Close

How sneaker lovers get their kicks

One step ahead: Supawat Attrapreyangkul, a 32-year-old sneaker collector.

It was once said that "good shoes take you to good places". What makes a good shoe could be its durability, comfort or, by some people's criteria, its rarity. Nowadays, the latter is what drives sneaker collectors to wait in line for three days just to get their hands on a special pair.

Running shoes are now treated as highly coveted collectors' items. In January 2015, a lengthy line-up of sneaker lovers gathered at Siam Square in Bangkok to purchase the NMD, a limited edition of Adidas sneakers, marking the start of the shoe craze sweeping Thailand.

Social media has helped sneaker lovers come together in Thailand. Facebook group Adidas Market Thailand has over 200,000 members who flaunt their sneaker collection or gush over the latest trends. Another group, Sneaker Party Thailand, has around 48,000 members. Occasionally, these groups organise events and parties to show off their hip kicks in real life.

PHOTO: Kritini U-dompol

The Chiang Mai Sneaker Festival was held last month, marking the first major sneaker fan gathering in northern Thailand. Generally, these events are hosted in central provinces, mainly Bangkok.

The event brought together sneaker lovers to trade and exchange their collectibles while offering glimpses of some rare, valuable editions that are hard to find in regular stores.

Most attendees showed up sporting oversized T-shirts, ripped jeans and, naturally, the most trendy running shoes.

Brunch met Supawat "Fong" Attrapreyangkul, a 32-year-old sneaker collector whose collection is valued at around 2 million baht. Supawat was an organiser at the Chiang Mai festival.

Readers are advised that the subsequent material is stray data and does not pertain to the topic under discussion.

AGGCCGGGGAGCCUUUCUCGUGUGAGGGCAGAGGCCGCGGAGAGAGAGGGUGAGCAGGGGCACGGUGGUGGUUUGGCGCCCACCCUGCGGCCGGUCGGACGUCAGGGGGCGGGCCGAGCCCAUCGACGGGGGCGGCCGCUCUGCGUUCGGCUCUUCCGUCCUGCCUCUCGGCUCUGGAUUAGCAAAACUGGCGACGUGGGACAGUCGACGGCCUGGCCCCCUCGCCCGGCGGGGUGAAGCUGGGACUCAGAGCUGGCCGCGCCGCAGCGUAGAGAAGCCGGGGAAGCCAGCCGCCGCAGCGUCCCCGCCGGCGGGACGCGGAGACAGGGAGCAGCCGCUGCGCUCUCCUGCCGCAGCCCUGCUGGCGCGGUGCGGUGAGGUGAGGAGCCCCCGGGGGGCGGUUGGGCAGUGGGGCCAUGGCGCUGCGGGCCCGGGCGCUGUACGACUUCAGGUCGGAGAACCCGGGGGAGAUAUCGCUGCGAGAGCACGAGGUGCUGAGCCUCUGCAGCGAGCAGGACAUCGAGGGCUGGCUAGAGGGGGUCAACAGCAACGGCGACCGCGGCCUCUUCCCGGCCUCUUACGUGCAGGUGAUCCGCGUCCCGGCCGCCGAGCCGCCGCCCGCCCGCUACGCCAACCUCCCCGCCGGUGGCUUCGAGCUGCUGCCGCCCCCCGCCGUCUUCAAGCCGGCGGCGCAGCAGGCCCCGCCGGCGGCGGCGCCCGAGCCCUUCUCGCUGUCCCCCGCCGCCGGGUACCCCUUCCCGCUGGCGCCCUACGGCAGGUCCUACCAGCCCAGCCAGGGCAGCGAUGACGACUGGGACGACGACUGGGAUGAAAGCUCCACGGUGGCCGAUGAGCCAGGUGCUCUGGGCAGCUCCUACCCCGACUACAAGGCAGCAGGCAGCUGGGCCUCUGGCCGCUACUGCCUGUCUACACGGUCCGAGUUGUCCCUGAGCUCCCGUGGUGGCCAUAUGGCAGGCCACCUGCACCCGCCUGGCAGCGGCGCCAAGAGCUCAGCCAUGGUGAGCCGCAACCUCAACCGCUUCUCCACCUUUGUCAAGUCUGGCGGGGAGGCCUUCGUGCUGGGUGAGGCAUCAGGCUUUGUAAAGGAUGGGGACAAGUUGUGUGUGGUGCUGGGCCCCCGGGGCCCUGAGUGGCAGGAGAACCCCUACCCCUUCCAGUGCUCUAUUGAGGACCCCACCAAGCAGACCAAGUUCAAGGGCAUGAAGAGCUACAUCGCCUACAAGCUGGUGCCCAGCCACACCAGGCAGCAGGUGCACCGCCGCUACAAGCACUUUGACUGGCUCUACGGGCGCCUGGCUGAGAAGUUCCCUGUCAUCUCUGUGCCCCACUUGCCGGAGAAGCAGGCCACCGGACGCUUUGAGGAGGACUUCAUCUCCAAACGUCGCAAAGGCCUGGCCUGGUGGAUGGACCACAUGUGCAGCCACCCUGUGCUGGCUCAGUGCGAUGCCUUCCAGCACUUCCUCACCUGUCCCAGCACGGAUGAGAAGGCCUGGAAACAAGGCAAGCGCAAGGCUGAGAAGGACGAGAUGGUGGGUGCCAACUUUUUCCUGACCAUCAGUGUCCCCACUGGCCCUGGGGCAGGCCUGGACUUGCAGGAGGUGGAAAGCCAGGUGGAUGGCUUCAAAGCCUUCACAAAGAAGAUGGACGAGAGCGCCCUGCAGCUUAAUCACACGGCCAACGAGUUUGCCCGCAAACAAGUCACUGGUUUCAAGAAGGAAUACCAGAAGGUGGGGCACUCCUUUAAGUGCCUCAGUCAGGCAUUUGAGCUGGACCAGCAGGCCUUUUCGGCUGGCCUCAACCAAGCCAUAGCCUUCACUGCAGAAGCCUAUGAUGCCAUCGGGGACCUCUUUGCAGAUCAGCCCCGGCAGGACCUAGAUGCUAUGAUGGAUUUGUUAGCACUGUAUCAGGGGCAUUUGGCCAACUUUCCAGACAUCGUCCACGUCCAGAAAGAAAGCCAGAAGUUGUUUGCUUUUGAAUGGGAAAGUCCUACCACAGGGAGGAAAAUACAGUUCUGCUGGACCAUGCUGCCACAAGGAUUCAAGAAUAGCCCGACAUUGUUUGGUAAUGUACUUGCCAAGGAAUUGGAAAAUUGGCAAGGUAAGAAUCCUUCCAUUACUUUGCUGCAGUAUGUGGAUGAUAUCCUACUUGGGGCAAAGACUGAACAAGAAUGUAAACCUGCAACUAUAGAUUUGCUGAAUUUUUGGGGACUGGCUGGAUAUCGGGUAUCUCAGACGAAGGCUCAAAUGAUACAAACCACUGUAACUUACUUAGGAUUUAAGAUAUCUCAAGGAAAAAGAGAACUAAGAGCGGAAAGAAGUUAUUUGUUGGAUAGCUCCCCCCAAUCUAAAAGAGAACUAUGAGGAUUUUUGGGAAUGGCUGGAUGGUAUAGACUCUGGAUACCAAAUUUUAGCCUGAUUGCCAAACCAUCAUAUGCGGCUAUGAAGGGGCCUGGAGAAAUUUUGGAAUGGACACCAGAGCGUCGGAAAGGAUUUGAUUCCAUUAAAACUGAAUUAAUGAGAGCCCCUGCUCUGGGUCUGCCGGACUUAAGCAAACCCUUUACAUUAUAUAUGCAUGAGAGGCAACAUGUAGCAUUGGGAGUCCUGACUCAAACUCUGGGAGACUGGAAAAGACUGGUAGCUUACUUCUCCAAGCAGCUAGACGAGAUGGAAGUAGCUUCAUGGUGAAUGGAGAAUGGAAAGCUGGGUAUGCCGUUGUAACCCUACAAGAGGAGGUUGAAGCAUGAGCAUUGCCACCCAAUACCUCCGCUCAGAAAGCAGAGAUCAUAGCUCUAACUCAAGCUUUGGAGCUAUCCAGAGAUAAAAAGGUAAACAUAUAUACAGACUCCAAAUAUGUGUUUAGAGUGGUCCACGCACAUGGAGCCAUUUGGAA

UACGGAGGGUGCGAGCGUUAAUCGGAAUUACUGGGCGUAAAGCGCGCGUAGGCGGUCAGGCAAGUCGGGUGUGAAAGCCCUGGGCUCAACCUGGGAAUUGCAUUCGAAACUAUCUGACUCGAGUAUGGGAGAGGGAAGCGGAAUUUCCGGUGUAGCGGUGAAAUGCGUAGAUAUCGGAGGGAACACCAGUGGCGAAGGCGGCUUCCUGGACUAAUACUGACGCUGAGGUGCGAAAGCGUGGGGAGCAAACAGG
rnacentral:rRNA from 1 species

While the original price of a pair of shoes can cost only a couple thousand baht, Supawat says: "People are willing to pay more for resale versions because they are limited in number. They want to show off that they have something unique and different from other people."

While most people make a standard visit to the shoe store for a pair of runners, collectors go on hunts for the most unique editions, often rummaging through dead stock. The shoe's value depends on its rarity.

"Some designs are produced in limited numbers, motivating people to buy a pair for their collection regardless of how absurd the price is," says Supawat.

Inspired by Back to the Future, the Nike Air Mag 2011 is one such example of a much hyped shoe that's hard to find. When it was launched six years ago, the original retail price was around 85,000 baht. Now, the same pair is worth over 300,000 baht.

Another example is the Adidas Yeezy Boot from Kanye West's 2015 collection. Its original retail price was 8,690 baht. Now, collectors could pay up to 80,000 baht for a pair.

pairs to spare: Japanese-Thai Yuya, right, a sneaker reseller.

Supawat says investing in shoes is a profitable business: "It's not difficult for me to decide to invest 20,000 baht in a pair of sneakers, knowing that the price can double in a couple of months."